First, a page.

THE TUC Congress in Brighton was divided yesterday over an amendment to Composite Motion 15: Public Sector Pay, which called on the General Council ‘to organise days of strike action, including a major national demonstration, against the government’s pay policy’.
The composite motion had merely called for ‘days of action’ and a national demonstration.
The amendment, from the Prison Officers Association, appeared to be won on a show of hands.
But conference chairman Dave Prentis, after calling for a second show of hands, then insisted on a card vote.
The amendment was lost on a card vote, with 1,388,000 for and 2,957,000 against. It was defeated by a majority of 1,569,000.
The Unite delegation abstained in the card vote after voting in the show of hands.
It was said that Unite was unable to participate in the card vote because their voting card was mislaid.
Delegates said they believed if Unite had voted for, the amendment would have been won.
The amendment was moved by POA General Secretary Brian Caton.
He said ‘This Labour government lied, lied and lied again to us.
‘Public sector pay is at the heart of our union’s concerns.
‘This Congress must begin to show we can do things by acting together.’
He warned: ‘We don’t think this government is going to listen.
‘This government’s not for turning. Gordon Brown is constantly saying this.
‘That is why this organisation must pull us together and make the government listen.
‘The government rejected what the public sector pay body said we should get.
‘Angry? I should say we are!’
He added: ‘The Tories are on the horizon.
‘If we are weak when they arrive, you will all be like the POA, stripped of all your rights.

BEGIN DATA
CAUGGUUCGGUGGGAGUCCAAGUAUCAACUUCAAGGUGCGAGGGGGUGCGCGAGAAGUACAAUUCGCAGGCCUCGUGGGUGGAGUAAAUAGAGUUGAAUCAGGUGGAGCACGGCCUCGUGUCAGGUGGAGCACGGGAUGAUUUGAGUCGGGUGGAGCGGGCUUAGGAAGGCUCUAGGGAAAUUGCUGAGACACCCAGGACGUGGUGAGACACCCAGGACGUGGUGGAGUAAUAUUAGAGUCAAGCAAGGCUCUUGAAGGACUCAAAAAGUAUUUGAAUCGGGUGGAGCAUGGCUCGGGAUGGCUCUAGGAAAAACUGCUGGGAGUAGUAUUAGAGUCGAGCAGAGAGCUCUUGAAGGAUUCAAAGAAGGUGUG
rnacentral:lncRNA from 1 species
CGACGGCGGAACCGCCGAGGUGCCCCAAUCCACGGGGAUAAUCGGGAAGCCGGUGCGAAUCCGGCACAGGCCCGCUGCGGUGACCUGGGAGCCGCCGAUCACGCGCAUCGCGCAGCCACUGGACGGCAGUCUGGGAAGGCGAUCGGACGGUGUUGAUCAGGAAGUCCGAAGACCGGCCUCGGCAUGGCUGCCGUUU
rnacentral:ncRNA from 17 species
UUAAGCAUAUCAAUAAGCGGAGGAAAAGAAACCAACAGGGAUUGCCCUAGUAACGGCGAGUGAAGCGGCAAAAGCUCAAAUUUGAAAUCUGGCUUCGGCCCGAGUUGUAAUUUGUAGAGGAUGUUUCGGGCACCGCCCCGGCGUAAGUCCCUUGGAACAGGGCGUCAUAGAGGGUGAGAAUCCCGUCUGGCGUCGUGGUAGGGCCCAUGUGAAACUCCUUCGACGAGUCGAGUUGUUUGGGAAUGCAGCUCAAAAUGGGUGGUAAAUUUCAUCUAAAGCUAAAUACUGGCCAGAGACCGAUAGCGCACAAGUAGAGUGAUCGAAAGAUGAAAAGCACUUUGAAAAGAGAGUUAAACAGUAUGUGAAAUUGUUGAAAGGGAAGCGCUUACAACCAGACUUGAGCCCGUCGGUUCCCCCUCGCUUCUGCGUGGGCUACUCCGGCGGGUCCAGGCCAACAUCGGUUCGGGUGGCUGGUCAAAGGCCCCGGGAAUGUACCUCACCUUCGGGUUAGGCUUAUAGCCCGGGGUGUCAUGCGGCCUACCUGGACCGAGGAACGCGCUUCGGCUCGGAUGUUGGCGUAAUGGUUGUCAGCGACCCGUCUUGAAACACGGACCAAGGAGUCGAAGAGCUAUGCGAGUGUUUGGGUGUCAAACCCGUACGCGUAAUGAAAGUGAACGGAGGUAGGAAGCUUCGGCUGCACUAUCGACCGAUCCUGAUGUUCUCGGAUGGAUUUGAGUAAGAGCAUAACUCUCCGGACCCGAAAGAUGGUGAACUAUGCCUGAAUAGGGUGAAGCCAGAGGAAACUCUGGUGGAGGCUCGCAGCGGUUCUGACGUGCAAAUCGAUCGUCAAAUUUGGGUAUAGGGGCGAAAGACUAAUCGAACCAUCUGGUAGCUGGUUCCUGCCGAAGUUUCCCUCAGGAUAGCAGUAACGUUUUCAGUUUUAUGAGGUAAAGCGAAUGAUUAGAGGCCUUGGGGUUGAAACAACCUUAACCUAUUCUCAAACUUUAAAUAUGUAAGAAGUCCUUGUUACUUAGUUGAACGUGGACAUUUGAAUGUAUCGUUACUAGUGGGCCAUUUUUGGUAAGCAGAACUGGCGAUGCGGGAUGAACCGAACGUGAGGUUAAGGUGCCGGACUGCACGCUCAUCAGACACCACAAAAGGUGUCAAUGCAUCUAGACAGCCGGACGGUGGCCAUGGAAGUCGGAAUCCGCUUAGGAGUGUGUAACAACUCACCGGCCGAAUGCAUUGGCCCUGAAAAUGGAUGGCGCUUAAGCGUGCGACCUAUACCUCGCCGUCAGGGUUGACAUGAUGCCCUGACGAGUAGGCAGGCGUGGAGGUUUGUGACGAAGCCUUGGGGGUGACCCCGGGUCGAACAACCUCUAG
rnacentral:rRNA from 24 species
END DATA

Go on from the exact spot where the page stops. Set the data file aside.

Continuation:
‘Let’s lobby, let’s march, but let’s take action.’
Seconding the amendment, John Leach, RMT, said: ‘We give wholehearted support for the POA amendment.
‘If it means taking on the government, so be it.’
Seconding the composite motion moved by UNISON, but opposing the amendment, Public and Commercial Services union (PCS) General Secretary Mark Serwotka slammed the government’s pay policy.
He said that ‘(Business Secretary) John Hutton and the rest of the Cabinet should spend less time talking to millionaires and more time talking to their core supporters.’
He added: ‘It’s no longer good enough for individual unions to fight on their own, we need to coordinated action.
‘We need days of action organised by the TUC, a national demonstration. Bring people onto the streets to demonstrate their anger.’
He added: ‘We’re balloting 270,000 of our members for industrial action.’
He said: ‘The fault lies with Gordon Brown and the government.
‘If the Tories win the election, if industrial strife breaks out, the government will only have themselves to blame.’
TUC General Secretary Brendan Barber intervened in the debate to oppose the POA’s amendment.
He said: ‘It’s disappointing we have a division. . . We won’t achieve unity if unions are asked to subordinate their own democratic decisions to one TUC coordinating campaign.
‘Unions have to make their own judgements whether or not industrial action is necessary.’
Yesterday afternoon, the TUC Congress in Brighton debated Motion Five: Trade Union Freedom, moved by the Prison Officers Association.
The motion called on the TUC to organise a series of one-day general strikes until the anti-union laws are removed from the statute books.
Moving the motion, Brian Caton, POA general secretary, said: ‘People who choose to be in a trade union in this country are more oppressed than anywhere in Europe.
‘The trade unions were born out of struggle.’
He added: ‘But I’m not just thinking of the past, I’m thinking of those who will come in the future.
‘Yes, have your rallies, lobby MPs, but let’s show what we can do.
‘These laws are bad laws. Choose freedom now and break those laws.’
The motion was seconded by Bob Crow of the RMT.
Ian Lavery, NUM general secretary, said in support of the motion: ‘We should stop believing we are going to get something from this Labour government.’
Billy Hayes, CWU general secretary, called on the POA to withdraw and remit its motion to the TUC General Council.
John McInally, of the PCS, said: ‘I reluctantly oppose the motion.’
TUC General Secretary Brendan Barber, speaking for the General Council which opposed the motion, said: ‘We cannot support a call for a series of general strikes.
‘A general strike in pursuit of political objectives would be unlawful.’
The motion was overwhelmingly lost on a show of hands.